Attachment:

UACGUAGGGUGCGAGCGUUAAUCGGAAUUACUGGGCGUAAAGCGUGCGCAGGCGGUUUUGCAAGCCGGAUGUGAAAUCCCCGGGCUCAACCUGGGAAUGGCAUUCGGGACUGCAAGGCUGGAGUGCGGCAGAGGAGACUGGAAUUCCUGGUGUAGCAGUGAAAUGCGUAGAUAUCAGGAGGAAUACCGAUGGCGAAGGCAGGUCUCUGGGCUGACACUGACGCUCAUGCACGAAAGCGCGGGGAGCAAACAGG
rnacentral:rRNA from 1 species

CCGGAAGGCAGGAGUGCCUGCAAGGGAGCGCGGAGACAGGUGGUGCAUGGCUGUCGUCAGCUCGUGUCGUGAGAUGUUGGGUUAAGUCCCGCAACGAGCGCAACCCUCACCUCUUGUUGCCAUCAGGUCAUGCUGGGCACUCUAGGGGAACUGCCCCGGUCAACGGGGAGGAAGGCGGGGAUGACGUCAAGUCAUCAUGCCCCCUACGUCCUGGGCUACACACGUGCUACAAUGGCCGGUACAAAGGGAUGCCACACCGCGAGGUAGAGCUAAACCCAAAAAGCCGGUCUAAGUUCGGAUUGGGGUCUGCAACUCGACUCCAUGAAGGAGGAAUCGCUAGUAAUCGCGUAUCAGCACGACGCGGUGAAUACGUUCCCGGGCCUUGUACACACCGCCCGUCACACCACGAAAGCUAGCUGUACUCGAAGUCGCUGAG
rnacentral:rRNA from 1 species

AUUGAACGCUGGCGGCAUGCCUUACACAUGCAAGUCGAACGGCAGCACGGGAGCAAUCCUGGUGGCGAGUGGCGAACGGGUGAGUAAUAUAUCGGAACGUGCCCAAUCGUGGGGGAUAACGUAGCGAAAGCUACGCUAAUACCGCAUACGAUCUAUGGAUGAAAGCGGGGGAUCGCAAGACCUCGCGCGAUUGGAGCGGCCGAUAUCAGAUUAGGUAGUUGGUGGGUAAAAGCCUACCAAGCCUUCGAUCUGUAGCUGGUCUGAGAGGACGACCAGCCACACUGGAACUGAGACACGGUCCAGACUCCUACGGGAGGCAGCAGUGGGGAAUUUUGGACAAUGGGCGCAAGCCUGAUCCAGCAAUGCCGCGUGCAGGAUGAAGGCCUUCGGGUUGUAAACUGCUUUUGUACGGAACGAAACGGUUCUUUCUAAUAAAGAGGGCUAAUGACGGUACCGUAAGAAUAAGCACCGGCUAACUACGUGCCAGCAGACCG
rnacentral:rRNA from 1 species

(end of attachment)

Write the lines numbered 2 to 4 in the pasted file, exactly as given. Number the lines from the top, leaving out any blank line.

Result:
rnacentral:rRNA from 1 species

CCGGAAGGCAGGAGUGCCUGCAAGGGAGCGCGGAGACAGGUGGUGCAUGGCUGUCGUCAGCUCGUGUCGUGAGAUGUUGGGUUAAGUCCCGCAACGAGCGCAACCCUCACCUCUUGUUGCCAUCAGGUCAUGCUGGGCACUCUAGGGGAACUGCCCCGGUCAACGGGGAGGAAGGCGGGGAUGACGUCAAGUCAUCAUGCCCCCUACGUCCUGGGCUACACACGUGCUACAAUGGCCGGUACAAAGGGAUGCCACACCGCGAGGUAGAGCUAAACCCAAAAAGCCGGUCUAAGUUCGGAUUGGGGUCUGCAACUCGACUCCAUGAAGGAGGAAUCGCUAGUAAUCGCGUAUCAGCACGACGCGGUGAAUACGUUCCCGGGCCUUGUACACACCGCCCGUCACACCACGAAAGCUAGCUGUACUCGAAGUCGCUGAG
rnacentral:rRNA from 1 species